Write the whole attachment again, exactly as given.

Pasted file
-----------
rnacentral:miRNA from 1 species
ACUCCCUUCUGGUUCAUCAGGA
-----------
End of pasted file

rnacentral:miRNA from 1 species
ACUCCCUUCUGGUUCAUCAGGA